In their rooms they found a welcome card and more instructions. Dinner would be served later that evening but they might want to occupy their time by taking a walk around the ship. If they required anything else they had only to ask. Some hours later the ship was at sea and many chose to have a stroll around the deck and take in the evening air, after which it was time to dress for dinner and make their way to the restaurant. The food was delicious and the entertainment, including a performance by David, was superb. They retired to a good night's rest with much to think about.

The next morning a presentation was held in the ship's theatre where they heard all about the features that the new Mini Metro had to offer. As yet no one had seen the car but it soon made a spectacular appearance. Set at either side of the stage were two large circular British Leyland logos several feet in diameter. The one on the left started to slowly revolve. Then it moved towards the audience, pushed forward on a huge piston. It continued to move forward, projecting into the theatre until a full size model of the new Mini Metro was revealed, neatly skewered on the piston. And as the piston revolved so did the car, its headlights blazing and its paintwork gleaming in the theatre lights. But that was not all. For the rest they would have to go up on deck where another surprise awaited them.

The night before the buyers and their wives had enjoyed taking the night air. Now they were at sea and the previously empty decks were laden with over a dozen brand new Mini Metros each one a different colour and chaperoned by an expert ready to explain its innovations and answer any questions. David Berglas had produced not one car but an entire fleet!

The ship's destination was the Isle of Man and it was there that the passengers disembarked and were able to test drive the new Mini Metros and enjoy themselves before returning to Liverpool. The promotion was extremely successful. Eighty to a hundred people took this magical mystery tour and the ship made eight round trips in just seventeen days.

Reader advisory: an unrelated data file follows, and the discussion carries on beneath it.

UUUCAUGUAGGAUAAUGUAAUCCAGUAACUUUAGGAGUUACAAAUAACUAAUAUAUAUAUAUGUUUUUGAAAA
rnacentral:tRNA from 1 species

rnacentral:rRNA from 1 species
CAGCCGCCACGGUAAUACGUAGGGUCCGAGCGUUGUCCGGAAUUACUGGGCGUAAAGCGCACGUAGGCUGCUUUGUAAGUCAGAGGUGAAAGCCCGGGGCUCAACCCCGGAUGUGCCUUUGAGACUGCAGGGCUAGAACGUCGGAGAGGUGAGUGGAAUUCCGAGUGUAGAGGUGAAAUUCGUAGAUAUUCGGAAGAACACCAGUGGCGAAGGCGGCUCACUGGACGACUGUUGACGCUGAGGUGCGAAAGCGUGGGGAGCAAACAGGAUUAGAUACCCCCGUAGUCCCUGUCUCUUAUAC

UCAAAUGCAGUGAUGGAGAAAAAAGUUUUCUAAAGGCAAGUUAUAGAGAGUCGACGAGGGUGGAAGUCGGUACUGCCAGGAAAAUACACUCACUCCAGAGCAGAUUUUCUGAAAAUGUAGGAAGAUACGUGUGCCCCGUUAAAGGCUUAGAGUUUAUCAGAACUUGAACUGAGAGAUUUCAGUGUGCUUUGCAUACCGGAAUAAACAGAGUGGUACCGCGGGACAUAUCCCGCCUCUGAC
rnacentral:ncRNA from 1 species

When David was originally engaged for the project it was principally as an entertainer and lecturer. But having been invited to contribute ideas to the planned presentation the event took an entirely different turn and became something far more interesting and ambitious.

He came up with the idea of disguising the entire journey so that the guests had no idea what lay inside the dismal warehouse. The narrow corridor that they walked through was actually the gangplank that led into the ship. It was camouflaged with heavy carpeting and enclosed in walls of silk. The first inkling that anyone had that they were on board a ship was when they walked through the reception and down the corridor to their cabins.

The appearance of the fleet of cars on board a ship in the middle of the sea was accomplished through the elaborate use of camouflage. The cars were on deck throughout the entire journey but no one recognised them. Some were hidden under tarpaulins, others enclosed

Supervising the Mini Metro launch.

in dummy crates or shell structures that appeared to be part of the ship but could be removed quickly and easily. The unveiling was done when everyone was watching either the launch presentation or David's lecture.

The return journey to Liverpool was spent enjoying a pleasant lunch, picking up sales brochures and asking questions. The passengers left the ship in a happy mood via the pink marquee and were bid goodbye by the original parking attendant who was now freshly scrubbed, smartly dressed and the epitome of good manners and polite behaviour.

Within an hour and a half his manners would evaporate, he'd change his clothes and smudge dark grease across his face ready to reprise his former role. Meanwhile David would casually make a dozen Mini Metros disappear and, ironically, no one would be there to see it.

The Art Of Cold Reading

The Art Of Cold Reading

Today I'm going to teach you a fundamental Mentalism technique known as 'cold reading'. Cold reading is a technique employed by mentalists and charlatans and by charlatan I refer to psychics, mediums, fortune tellers or anyone that claims false abilities that is used to give the illusion that the person has some form of super natural power.